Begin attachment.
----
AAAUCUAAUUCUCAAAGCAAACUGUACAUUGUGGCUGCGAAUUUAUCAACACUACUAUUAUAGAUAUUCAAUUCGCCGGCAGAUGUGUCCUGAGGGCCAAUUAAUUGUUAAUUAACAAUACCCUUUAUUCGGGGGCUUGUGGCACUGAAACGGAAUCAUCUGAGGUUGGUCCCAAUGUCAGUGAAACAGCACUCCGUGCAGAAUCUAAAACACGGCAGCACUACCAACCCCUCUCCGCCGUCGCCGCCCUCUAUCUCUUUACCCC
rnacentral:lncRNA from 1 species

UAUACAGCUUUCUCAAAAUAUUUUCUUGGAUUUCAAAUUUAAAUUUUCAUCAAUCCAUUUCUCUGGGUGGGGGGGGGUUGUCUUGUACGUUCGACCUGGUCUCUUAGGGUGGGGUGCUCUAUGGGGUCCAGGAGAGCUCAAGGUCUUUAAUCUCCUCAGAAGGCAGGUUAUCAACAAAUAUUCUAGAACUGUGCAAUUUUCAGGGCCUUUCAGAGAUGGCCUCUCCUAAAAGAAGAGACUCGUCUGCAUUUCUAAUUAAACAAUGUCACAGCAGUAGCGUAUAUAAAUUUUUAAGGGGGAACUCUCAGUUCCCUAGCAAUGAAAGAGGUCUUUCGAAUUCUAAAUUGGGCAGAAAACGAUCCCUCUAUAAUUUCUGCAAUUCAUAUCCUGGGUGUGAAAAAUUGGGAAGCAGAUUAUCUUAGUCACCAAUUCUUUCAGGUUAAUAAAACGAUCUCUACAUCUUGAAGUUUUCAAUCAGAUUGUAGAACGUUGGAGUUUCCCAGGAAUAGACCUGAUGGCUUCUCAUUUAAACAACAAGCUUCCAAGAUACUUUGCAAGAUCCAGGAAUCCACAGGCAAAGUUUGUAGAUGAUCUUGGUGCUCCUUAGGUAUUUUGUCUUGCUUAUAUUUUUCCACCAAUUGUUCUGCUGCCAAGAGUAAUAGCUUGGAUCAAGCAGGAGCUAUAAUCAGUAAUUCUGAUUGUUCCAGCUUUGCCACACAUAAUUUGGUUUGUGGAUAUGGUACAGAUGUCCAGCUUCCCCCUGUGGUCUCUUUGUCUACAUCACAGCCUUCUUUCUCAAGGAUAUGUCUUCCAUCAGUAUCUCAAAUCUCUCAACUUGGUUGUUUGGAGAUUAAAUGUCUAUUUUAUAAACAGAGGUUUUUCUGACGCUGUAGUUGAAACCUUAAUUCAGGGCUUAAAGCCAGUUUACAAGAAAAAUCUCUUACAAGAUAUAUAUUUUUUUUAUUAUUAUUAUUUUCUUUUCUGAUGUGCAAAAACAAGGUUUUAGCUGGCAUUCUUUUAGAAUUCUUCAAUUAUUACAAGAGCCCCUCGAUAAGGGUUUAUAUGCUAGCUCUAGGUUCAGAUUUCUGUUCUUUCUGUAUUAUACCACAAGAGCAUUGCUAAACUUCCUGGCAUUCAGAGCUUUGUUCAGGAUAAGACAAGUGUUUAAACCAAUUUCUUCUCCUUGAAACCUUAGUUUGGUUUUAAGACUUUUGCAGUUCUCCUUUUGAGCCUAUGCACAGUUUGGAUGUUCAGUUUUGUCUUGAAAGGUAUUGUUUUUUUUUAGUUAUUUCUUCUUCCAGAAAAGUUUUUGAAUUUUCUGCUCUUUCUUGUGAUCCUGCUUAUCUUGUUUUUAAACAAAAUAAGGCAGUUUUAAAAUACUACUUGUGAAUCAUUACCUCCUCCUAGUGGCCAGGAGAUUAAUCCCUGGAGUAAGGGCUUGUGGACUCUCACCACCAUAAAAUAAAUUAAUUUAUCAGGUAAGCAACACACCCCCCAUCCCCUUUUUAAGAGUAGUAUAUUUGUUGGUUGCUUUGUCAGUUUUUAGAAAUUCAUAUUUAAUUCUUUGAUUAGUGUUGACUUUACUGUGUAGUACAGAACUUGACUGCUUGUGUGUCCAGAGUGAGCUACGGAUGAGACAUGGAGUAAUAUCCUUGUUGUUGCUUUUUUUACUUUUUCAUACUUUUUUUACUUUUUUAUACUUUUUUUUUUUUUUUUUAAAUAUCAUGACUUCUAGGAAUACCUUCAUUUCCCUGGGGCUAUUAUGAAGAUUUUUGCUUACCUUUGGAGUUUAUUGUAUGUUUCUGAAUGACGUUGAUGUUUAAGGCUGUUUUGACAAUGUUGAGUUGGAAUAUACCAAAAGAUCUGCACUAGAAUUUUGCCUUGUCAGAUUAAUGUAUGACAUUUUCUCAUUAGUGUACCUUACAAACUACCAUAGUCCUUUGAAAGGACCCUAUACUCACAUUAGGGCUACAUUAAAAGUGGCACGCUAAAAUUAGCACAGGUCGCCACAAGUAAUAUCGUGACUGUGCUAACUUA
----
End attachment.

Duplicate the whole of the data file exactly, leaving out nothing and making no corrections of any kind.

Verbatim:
AAAUCUAAUUCUCAAAGCAAACUGUACAUUGUGGCUGCGAAUUUAUCAACACUACUAUUAUAGAUAUUCAAUUCGCCGGCAGAUGUGUCCUGAGGGCCAAUUAAUUGUUAAUUAACAAUACCCUUUAUUCGGGGGCUUGUGGCACUGAAACGGAAUCAUCUGAGGUUGGUCCCAAUGUCAGUGAAACAGCACUCCGUGCAGAAUCUAAAACACGGCAGCACUACCAACCCCUCUCCGCCGUCGCCGCCCUCUAUCUCUUUACCCC
rnacentral:lncRNA from 1 species

UAUACAGCUUUCUCAAAAUAUUUUCUUGGAUUUCAAAUUUAAAUUUUCAUCAAUCCAUUUCUCUGGGUGGGGGGGGGUUGUCUUGUACGUUCGACCUGGUCUCUUAGGGUGGGGUGCUCUAUGGGGUCCAGGAGAGCUCAAGGUCUUUAAUCUCCUCAGAAGGCAGGUUAUCAACAAAUAUUCUAGAACUGUGCAAUUUUCAGGGCCUUUCAGAGAUGGCCUCUCCUAAAAGAAGAGACUCGUCUGCAUUUCUAAUUAAACAAUGUCACAGCAGUAGCGUAUAUAAAUUUUUAAGGGGGAACUCUCAGUUCCCUAGCAAUGAAAGAGGUCUUUCGAAUUCUAAAUUGGGCAGAAAACGAUCCCUCUAUAAUUUCUGCAAUUCAUAUCCUGGGUGUGAAAAAUUGGGAAGCAGAUUAUCUUAGUCACCAAUUCUUUCAGGUUAAUAAAACGAUCUCUACAUCUUGAAGUUUUCAAUCAGAUUGUAGAACGUUGGAGUUUCCCAGGAAUAGACCUGAUGGCUUCUCAUUUAAACAACAAGCUUCCAAGAUACUUUGCAAGAUCCAGGAAUCCACAGGCAAAGUUUGUAGAUGAUCUUGGUGCUCCUUAGGUAUUUUGUCUUGCUUAUAUUUUUCCACCAAUUGUUCUGCUGCCAAGAGUAAUAGCUUGGAUCAAGCAGGAGCUAUAAUCAGUAAUUCUGAUUGUUCCAGCUUUGCCACACAUAAUUUGGUUUGUGGAUAUGGUACAGAUGUCCAGCUUCCCCCUGUGGUCUCUUUGUCUACAUCACAGCCUUCUUUCUCAAGGAUAUGUCUUCCAUCAGUAUCUCAAAUCUCUCAACUUGGUUGUUUGGAGAUUAAAUGUCUAUUUUAUAAACAGAGGUUUUUCUGACGCUGUAGUUGAAACCUUAAUUCAGGGCUUAAAGCCAGUUUACAAGAAAAAUCUCUUACAAGAUAUAUAUUUUUUUUAUUAUUAUUAUUUUCUUUUCUGAUGUGCAAAAACAAGGUUUUAGCUGGCAUUCUUUUAGAAUUCUUCAAUUAUUACAAGAGCCCCUCGAUAAGGGUUUAUAUGCUAGCUCUAGGUUCAGAUUUCUGUUCUUUCUGUAUUAUACCACAAGAGCAUUGCUAAACUUCCUGGCAUUCAGAGCUUUGUUCAGGAUAAGACAAGUGUUUAAACCAAUUUCUUCUCCUUGAAACCUUAGUUUGGUUUUAAGACUUUUGCAGUUCUCCUUUUGAGCCUAUGCACAGUUUGGAUGUUCAGUUUUGUCUUGAAAGGUAUUGUUUUUUUUUAGUUAUUUCUUCUUCCAGAAAAGUUUUUGAAUUUUCUGCUCUUUCUUGUGAUCCUGCUUAUCUUGUUUUUAAACAAAAUAAGGCAGUUUUAAAAUACUACUUGUGAAUCAUUACCUCCUCCUAGUGGCCAGGAGAUUAAUCCCUGGAGUAAGGGCUUGUGGACUCUCACCACCAUAAAAUAAAUUAAUUUAUCAGGUAAGCAACACACCCCCCAUCCCCUUUUUAAGAGUAGUAUAUUUGUUGGUUGCUUUGUCAGUUUUUAGAAAUUCAUAUUUAAUUCUUUGAUUAGUGUUGACUUUACUGUGUAGUACAGAACUUGACUGCUUGUGUGUCCAGAGUGAGCUACGGAUGAGACAUGGAGUAAUAUCCUUGUUGUUGCUUUUUUUACUUUUUCAUACUUUUUUUACUUUUUUAUACUUUUUUUUUUUUUUUUUAAAUAUCAUGACUUCUAGGAAUACCUUCAUUUCCCUGGGGCUAUUAUGAAGAUUUUUGCUUACCUUUGGAGUUUAUUGUAUGUUUCUGAAUGACGUUGAUGUUUAAGGCUGUUUUGACAAUGUUGAGUUGGAAUAUACCAAAAGAUCUGCACUAGAAUUUUGCCUUGUCAGAUUAAUGUAUGACAUUUUCUCAUUAGUGUACCUUACAAACUACCAUAGUCCUUUGAAAGGACCCUAUACUCACAUUAGGGCUACAUUAAAAGUGGCACGCUAAAAUUAGCACAGGUCGCCACAAGUAAUAUCGUGACUGUGCUAACUUA